Friday, February 26, 2010

Look, Mom, a Nigger

Okay, so I'm lying awake in bed last night and I got to mentally tweaking My Life as an Onion -- cause as long as it isn't published, even though it's with the Delacorte editors awaiting the outcome, I can tweak away to my heart's content-- and it occurred to me that I really should slip in some little incident that deals with prejudice. Yes, the book is filled with my main character dealing with her prejudices but it's notoriously lacking in scenes where someone is mean to her because she's black and heck! in real life anti-Black prejudice is often subtly around.

So I got to remembering something that happened to older son. He was in Storm King NY near a deli and a bus stop (and take care to remember that upstate New York is often called upsouth New York) and he's kinda standing there waiting for something or other and a cute little tow-headed little girl -- about four or five, he remembers-- suddenly sees him and shouts to her mother, (while pointing at him), "Look, Mom, a Nigger."

Son kinda looked at her in mild surprise. Older son is a sweetie and way saner and less easily-hurt about stuff than I am so he kinda just rolled his eyes and moved on. He says the only thing he was thinking about was that it was a cute little kid and to hear such weirdness come out of the kid's mouth. Of course the mom looked all surprised and embarrassed... but heck kids say the darnedst things...especially if they've been hearing them from mom and dad.

So I'm thinking there has to be a little scenelet in Onion where out of the blue, apropos of nothing, someone says something really racist to my main character for no good reason. For that's the way it works. It could be a gentle kind of superiorness - the kind I've received in white churches-- or it could be harsher (like some white kids shouting Nigger from their Transam or Lexus as they whisk by main character on the highway. Or it could be pretty much the scene that happened to older son.

But the thing is: I don't want it to detract from the scene it's in. I just want it to slip in and slip out. Cause that's often how racism happens to black folks.

And why do I not want to write a scene that's about a black person dealing with racism? Because honestly, it's a big deal and it's not a big deal. That's how racism happens, subtly...and a person moves on. But I want to do it when the main character is already in a state. Cause that's also when racism happens. You're burying your mom and in grief as it is and then some racist (of whatever color but black) has to slip into the picture with some rude comment.)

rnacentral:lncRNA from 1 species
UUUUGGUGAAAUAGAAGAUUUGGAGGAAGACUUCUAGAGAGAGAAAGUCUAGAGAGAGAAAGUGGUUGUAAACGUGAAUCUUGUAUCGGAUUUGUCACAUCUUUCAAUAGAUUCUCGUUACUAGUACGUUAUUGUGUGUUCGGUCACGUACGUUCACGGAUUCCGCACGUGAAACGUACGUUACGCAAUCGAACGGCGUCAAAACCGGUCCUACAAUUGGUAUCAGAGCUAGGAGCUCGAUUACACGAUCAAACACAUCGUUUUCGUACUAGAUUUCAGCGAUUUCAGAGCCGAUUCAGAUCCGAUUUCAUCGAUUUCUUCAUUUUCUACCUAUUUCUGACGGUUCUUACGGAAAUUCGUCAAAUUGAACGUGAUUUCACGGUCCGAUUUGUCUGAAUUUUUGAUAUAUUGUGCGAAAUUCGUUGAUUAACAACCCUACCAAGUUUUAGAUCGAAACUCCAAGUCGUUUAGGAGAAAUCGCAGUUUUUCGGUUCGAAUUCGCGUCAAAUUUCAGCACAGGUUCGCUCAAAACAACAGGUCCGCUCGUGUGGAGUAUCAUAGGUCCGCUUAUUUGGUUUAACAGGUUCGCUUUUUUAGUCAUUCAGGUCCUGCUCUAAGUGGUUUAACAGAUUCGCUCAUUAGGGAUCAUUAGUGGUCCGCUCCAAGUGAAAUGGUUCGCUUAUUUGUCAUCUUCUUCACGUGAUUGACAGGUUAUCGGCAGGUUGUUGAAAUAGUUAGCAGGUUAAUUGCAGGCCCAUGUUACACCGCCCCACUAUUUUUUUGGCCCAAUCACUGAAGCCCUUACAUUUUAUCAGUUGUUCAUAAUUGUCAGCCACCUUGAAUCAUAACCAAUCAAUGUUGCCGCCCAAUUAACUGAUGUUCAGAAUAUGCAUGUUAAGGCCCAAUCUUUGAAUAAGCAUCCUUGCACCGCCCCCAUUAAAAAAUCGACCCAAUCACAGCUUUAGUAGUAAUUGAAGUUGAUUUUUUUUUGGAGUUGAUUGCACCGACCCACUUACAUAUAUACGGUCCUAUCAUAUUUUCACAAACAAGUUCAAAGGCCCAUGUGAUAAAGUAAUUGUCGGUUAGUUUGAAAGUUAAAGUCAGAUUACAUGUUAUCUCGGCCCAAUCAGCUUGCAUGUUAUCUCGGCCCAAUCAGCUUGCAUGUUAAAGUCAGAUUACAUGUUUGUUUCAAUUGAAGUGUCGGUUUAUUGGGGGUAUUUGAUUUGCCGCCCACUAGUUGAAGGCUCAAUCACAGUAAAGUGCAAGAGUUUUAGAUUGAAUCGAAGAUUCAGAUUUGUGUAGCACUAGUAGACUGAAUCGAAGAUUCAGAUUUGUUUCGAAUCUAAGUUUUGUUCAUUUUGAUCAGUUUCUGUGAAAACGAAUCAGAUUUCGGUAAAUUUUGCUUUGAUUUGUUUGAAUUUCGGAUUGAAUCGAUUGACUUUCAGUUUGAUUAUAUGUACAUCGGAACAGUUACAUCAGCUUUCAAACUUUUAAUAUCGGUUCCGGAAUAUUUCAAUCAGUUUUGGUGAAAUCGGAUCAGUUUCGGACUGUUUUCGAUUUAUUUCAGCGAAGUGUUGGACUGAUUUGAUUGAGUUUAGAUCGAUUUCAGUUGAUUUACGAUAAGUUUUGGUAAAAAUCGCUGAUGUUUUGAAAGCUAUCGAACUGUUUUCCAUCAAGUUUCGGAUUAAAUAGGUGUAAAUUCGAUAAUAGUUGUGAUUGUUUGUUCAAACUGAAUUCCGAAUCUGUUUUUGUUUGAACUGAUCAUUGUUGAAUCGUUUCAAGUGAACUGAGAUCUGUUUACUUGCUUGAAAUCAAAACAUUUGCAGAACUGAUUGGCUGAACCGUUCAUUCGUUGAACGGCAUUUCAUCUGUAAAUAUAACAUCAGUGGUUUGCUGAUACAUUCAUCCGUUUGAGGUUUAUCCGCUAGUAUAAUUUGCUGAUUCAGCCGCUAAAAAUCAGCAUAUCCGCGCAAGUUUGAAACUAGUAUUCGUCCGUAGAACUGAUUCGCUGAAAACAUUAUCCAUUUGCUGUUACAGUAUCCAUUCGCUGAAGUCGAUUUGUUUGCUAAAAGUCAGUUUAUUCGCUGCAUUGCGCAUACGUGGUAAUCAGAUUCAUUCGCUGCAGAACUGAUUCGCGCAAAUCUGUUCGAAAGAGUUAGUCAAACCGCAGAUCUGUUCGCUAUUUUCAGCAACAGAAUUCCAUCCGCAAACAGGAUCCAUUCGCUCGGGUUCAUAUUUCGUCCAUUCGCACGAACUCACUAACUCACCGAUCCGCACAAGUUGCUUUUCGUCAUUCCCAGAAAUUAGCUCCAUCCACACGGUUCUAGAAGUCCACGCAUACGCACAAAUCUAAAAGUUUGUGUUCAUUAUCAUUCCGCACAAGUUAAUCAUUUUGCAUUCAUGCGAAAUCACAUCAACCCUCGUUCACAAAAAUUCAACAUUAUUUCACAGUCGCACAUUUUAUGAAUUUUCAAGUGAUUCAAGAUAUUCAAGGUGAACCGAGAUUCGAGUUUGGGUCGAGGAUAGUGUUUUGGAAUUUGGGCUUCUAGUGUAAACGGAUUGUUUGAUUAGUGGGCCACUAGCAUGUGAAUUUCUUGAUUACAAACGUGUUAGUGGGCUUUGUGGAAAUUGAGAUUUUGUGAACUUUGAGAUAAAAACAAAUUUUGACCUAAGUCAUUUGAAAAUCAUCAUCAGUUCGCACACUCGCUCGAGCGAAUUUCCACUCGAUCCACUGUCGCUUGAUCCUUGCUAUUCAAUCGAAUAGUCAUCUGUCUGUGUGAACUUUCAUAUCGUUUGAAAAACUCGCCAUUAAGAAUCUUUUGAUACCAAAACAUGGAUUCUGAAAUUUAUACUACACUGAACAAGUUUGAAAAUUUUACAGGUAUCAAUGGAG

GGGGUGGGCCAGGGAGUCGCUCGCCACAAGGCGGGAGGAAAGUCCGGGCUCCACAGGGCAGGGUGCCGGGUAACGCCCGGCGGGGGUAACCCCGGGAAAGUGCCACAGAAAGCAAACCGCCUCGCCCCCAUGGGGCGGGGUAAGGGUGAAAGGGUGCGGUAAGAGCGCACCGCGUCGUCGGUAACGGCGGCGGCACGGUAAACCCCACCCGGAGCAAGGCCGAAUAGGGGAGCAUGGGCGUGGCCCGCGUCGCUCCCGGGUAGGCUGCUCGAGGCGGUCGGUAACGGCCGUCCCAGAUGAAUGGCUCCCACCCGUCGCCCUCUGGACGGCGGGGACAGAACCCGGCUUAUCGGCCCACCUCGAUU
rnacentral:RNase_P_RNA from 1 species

The thing is I hate regurgitation. I hate showing a bad scene or something physically or emotionally upsetting in the exact way it happens. I've heard a few sermons which were nothing but thinly-disguised rants made by a preacher with a grudge. (Alas, I am way too discerning so I could see through it into the bitterness...and it often pissed me off to have had trudged myself to church to have to deal with some black or gay or feminist or whatever minister spilling out his/her agenda.) So, yeah, regurgitation is not in the picture. If I want to regurgitate and vomit all over people I generally do a really beautiful poignant essay (patting self on back.)

Kinda apropos: when I was about eleven, my half-sister (the same age) said to me "Daddy loves me more than you because I'm lighter." She doesn't remember this now, nor does she remember that she got a beating from my grandfather for that. But it's affected me all my life...a terrible kind of self-loathing which oppresses me sometimes I can't even move. To this day I don't know what I look like. I never look in the mirror. When I see myself on the back cover of my book or on facebook or on the internet, I cringe. It's that bad. When I die and am hovering over my bed, ready to transfer to the great beyond, it'll take me a while to recognize who that fat dead figure on the bed is.

But I never put that in my novels. Not the scene itself anyway. I have never written a scene where one sister says to the other, "Look, sis, you're a nigger." But I put it in Wind Follower subtly -- unregurgitated. Because storytelling is my most elegant use of my neurosis. I simply made Satha too dark and I made her unable to look in mirrors. (Of course if this ever becomes a movie (CGI please!) they'll probably make her lighter-skinned. Not a nigger like me.

Onto tweaking Onion and to slipping in the racial scenelet. I just feel -- as a black writer-- I shouldn't omit something that occurs fairly commonly in the lives of black folks. Onward.


Post a Comment

Blog Archive

Popular Posts